LOVE AND romance are the ingredients of Music for Galway's 2018 midwinter festival, Beloved - Composers In Love, a beautiful programme of music by famous composers, written during times of intense passion, which takes place at the Town Hall Theatre from January 19 to 21.
The weekend features music by Robert and Clara Schumann, the composer-couple par excellence; Wagner and Richard Strauss, both of whom had emotionally strong wives; as well as Schubert, Beethoven, and Brahms who never found suitable life partners. Music from the 20h century will be represented by a string quartet by Czech composer Leos Janacek, along with songs by Benjamin Britten for his beloved partner, the tenor Peter Pears.
Many delightful works feature in the programme; these include Brahms’ ‘String Sextet in G major’ and Beethoven’s ‘Moonlight Sonata’. Finghin Collins performs Schubert’s hauntingly beautiful ‘Fantasie in Fm’. It is a piece for two pianists at one piano, and his sister Dearbhla Collins joins him in the performance. Dearbhla also accompanies guest artists, soprano Sarah-Jane Brandon and tenor James Gilchrist, in songs by Mahler, Clara and Robert Schumann, and Strauss.
The ConTempo Quartet perform Janacek’s string quartet ‘Intimate Letters’. Often referred to as Janacek’s ‘manifesto on love’, it was written after Janacek fell madly in love with Kamila Stosslova, a married woman 38 years his junior. It could also be called a 'soundtrack to a midlife crisis'.
One of the most beautiful pieces featured is Wagner’s ‘Siegfried Idyll’. He wrote it as a birthday present for his wife Cosima [pictured above] after the birth of their son Siegfried. It was first performed on Christmas Day in 1870. A group of musicians came to Wagner’s house in Switzerland and performed the piece on the stairs as a surprise for Cosima as she awoke from sleep. Alongside the recitals, musicologist Richard Wigmore will give two talks on the theme of composers in love and their music.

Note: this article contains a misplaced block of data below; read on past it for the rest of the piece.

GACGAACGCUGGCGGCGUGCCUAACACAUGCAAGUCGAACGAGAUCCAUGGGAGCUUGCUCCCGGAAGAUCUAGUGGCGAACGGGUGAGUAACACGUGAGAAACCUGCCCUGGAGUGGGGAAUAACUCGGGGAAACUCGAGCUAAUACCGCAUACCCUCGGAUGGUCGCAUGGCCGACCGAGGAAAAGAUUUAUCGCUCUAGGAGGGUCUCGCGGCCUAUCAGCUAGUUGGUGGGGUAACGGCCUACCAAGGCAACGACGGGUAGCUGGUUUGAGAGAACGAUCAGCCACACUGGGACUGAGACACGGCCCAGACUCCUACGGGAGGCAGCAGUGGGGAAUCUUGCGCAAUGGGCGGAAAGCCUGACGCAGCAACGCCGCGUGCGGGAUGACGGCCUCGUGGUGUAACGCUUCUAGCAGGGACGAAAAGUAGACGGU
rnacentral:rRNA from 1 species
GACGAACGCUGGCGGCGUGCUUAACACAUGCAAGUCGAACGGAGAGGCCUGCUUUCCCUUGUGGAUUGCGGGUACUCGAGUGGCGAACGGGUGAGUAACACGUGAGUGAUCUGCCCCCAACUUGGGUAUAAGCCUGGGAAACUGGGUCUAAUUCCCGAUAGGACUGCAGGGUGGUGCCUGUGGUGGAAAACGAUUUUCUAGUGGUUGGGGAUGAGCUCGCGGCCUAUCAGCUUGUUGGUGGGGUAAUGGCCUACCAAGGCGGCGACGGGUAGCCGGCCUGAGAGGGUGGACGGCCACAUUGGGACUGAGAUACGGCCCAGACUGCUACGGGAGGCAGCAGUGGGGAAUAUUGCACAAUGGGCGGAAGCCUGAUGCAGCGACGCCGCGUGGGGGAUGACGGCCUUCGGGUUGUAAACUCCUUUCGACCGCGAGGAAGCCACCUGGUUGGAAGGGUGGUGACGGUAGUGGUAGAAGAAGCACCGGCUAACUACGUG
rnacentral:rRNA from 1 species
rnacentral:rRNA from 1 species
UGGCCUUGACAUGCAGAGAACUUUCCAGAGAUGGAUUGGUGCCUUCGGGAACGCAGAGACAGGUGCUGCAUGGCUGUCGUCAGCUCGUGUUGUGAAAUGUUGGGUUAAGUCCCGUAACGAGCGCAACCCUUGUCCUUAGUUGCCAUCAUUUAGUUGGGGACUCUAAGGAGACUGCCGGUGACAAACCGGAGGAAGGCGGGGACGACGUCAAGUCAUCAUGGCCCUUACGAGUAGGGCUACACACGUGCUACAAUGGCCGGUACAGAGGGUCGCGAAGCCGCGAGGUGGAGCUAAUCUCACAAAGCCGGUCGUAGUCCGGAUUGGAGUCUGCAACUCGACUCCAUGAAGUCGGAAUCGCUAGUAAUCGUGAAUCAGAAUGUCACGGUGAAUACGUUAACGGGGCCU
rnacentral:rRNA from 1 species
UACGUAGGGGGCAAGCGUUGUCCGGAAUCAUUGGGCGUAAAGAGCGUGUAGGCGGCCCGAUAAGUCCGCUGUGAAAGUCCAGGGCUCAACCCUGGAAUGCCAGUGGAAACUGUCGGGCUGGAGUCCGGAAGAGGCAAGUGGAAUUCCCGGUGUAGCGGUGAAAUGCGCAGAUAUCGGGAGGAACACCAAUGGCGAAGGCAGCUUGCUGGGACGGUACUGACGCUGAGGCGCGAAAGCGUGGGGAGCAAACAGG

Ahead of the festival, Music for Galway artistic director Finghin Collins spoke with me about the line-up of music and performers. I note that, given the theme of love, there must have been hundreds of works he could have chosen, so what ideas informed his programme choices?
“My guiding principle was to get a balanced programme and not focus too much on one composer,” he replies. “I probably could have programmed the entire weekend around Robert and Clara Schumann [pictured below] because so many of their compositions, Robert’s especially, were inspired by their love for each other. Theirs is the great love story of the 19th century in music. I put it quite centrally in the programme; as well as their music we are also showing a film, Spring Symphony, about Robert and Clara’s courtship, Clara’s father’s attempts to end it, and how they battled through the courts to win the right to marry. They had a very strong bond and a very special relationship and it was a mostly happy marriage until Robert suffered his mental breakdown.”
While the Schumanns’ music was inspired by love fulfilled, many of the pieces over the weekend stemmed from love thwarted. “If you take Beethoven, Schubert, and Brahms, none of them found happiness in love," says Collins. "The pieces we hear from them were all written when they were besotted with various people, but for all kinds of reasons it just didn’t work out. Yet their feelings were none the weaker because of that and may even have been stronger because of the frustrations attached to it.
"In Schubert’s case it’s said he wrote the sublime Fantasy in Fm while he was in love with Karoline Esterhazy. In Beethoven’s case we know he was in love with Countess Giulietta Giucciardi, who was his pupil, around the time he wrote the 'Moonlight Sonata'. But she was an aristocrat and thus unsuitable. So there is a lot of frustration going through the stories.